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Then, in late 2014, her father took ill, and her priorities changed. Suddenly, the two-time Oscar winner wasn’t acting, a decision that brought up questions she’d never had to ask herself before. “What happens when you take something away that has defined you for pretty much your entire life?” In that absence, she was forced to recognize other measures of identity. “After I got over the momentary anxiety that I wasn’t doing what I loved, and what that meant, I recognized that I’m so much more,” she says. Primarily, a daughter. But also, outside the context of family, a creative and caring soul.

During her hiatus, Swank founded a charity, Hilaroo, that pairs abandoned children and animals to help encourage rehabilitation through companionship. She also founded Mission Statement, her high-end “luxe leisure” clothing line, which she works on every day from home when not on set. But also, she says, “[my time away from the camera] allowed me to sit down in a way that I hadn’t in a long time and to recognize that there’s a lot of beauty in sitting and not always moving.”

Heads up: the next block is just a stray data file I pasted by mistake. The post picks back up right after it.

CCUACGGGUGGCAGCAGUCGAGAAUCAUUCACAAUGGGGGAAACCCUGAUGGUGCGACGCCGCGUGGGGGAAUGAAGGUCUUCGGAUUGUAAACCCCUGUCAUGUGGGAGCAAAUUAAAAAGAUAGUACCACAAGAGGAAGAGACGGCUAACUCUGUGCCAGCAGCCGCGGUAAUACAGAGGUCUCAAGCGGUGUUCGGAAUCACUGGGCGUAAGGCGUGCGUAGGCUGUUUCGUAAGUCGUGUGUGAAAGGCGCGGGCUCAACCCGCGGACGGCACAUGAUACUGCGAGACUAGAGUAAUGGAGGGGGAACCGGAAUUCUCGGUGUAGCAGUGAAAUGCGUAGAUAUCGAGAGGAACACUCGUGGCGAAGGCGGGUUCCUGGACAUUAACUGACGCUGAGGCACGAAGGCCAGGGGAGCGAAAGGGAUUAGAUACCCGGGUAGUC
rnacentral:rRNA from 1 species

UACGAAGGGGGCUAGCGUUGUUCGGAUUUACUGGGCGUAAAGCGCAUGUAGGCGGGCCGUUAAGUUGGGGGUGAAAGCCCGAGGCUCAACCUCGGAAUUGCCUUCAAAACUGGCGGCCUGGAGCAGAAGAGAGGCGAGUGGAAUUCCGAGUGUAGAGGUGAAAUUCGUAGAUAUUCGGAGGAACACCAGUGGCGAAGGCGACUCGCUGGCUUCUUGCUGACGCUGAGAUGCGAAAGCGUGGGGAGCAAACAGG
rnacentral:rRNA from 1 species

Easier said than done for someone whose personal daily mantra is “make a choice, make it happen.” But that room to breathe also opened an avenue to be easier on herself. “I really like things done a certain way, and if I miss a beat, I get hard on myself. But now I’m just more forgiving.” It was one component of a larger self-discovery, a process she immediately recognized happening in What They Had. The movie is very much about “a woman my age kind of coming of age,” she says. “Really honoring her truest self. She’s saying, ‘There’s things here that I need to look at, to make my life the fullest it can be.’”

Photography by: PHOTOGRAPHED BY JAMES WHITE. STYLED BY ANNABELLE HARRON AT THE WALL GROUP. Hair by Sascha Breuer at Starworks Artists using Bumble and bumble. Makeup by Monika Blunder at The Wall Group using Kosås